In Toronto, Real Estate Prices Pose a Puzzle! Why So High?
A relevant piece from the Globe and Mail
Anybody watching the Toronto real estate market this spring has noticed how fickle house hunters can be, but what really has some economists baffled is the fact that buyers have nudged resale house prices up for three consecutive months.
Sal Guatieri, senior economist with Bank of Montreal, was expecting house prices to continue the gentle decline that started last summer.
“We are surprised that they’ve actually picked up,” says Mr. Guatieri. “They’ve now popped back to record highs.”
The average selling price in the Greater Toronto Area in the first two weeks of May hit $543,838, according to the Toronto Real Estate Board. That compares with $516,089 in May of 2012. Sales in the first two weeks of May dropped 9.7 per cent compared with the same period last year.
Mr. Guatieri points out that people who are keen to buy in the spring have to compete for relatively scarce detached houses available. “As we get into the spring market, we tend to see stronger demand and perhaps that is lifting prices.”
Meanwhile, some sellers are hesitant to list or have pulled their properties off the market if they don’t get the price they are looking for. Toronto hasn’t seen the pressured selling that caused the U.S. house price meltdown, he adds.
The market in much of Canada began losing steam last July after the federal government tightened rules surrounding mortgage insurance and amortization.
In the GTA, a relatively cool spring market has been enlivened by sporadic heated bidding wars.
Ken McLachlan, broker at ReMax Hallmark Realty Ltd., says houses in the segment above $1.5-million in Toronto are sitting around a lot longer these days. But below that mark sales are still quite good – if a bit spotty.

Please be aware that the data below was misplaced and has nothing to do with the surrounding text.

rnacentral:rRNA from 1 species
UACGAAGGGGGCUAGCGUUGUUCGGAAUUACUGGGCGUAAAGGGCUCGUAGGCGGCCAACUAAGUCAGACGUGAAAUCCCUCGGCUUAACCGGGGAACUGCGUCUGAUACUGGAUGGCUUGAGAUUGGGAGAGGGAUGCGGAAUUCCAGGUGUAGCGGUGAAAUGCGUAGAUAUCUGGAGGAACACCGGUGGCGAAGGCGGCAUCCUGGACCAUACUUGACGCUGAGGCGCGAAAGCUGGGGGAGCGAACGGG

Mr. McLachlan says some agents have not experienced a slower market and he has to remind them that in the past it was not unusual for a property to sit on the market for 30 days or more.
He also advises agents to manage the expectations of sellers and not to make promises they can’t keep.
“They expect it to sell overnight,” he says of many homeowners. “The market is called the market because it’s ever-changing.”
Sales have slumped because there aren’t enough listings – especially in popular areas, he says.
Mr. Guatieri points out that detached houses are no longer affordable for many buyers in high-priced Toronto and condo units are the only option for many purchasers.
“Affordability is strained in the detached market.”
He still expects real estate prices in Toronto to resume their moderate decline over the next couple of years.
“It certainly seems a stretch to believe house price growth will continue to outpace income growth.”
A sharper drop is unlikely in his opinion, but he cautions that lofty prices could be vulnerable to a shock in the form of a spike in interest rates or swelling unemployment.
As for the condo market, Mr. Guatieri still sees strong underlying demand despite the recent downturn in the market for new projects. New home sales plummeted 44 per cent in April in the GTA compared with April, 2012. Both high-rise and low-rise sales tumbled. Builders have pulled back on new projects in the low-rise market, according to RealNet Canada.
Still, immigration remains healthy and the baby boom echo generation is likely to keep buying property, the economist says, and rental vacancies remain tight.
Mr. Guatieri points out that more than 250,000 condo units are currently on the drawing board in some phase of the planning process. There are 55,000 condo units currently under construction. But banks are not lending as easily and builders are deferring some projects.
“Unless you see a huge bounce-back in demand, it’s unlikely all those condos in the planning phase will come to fruition. Builders have slammed the breaks on.”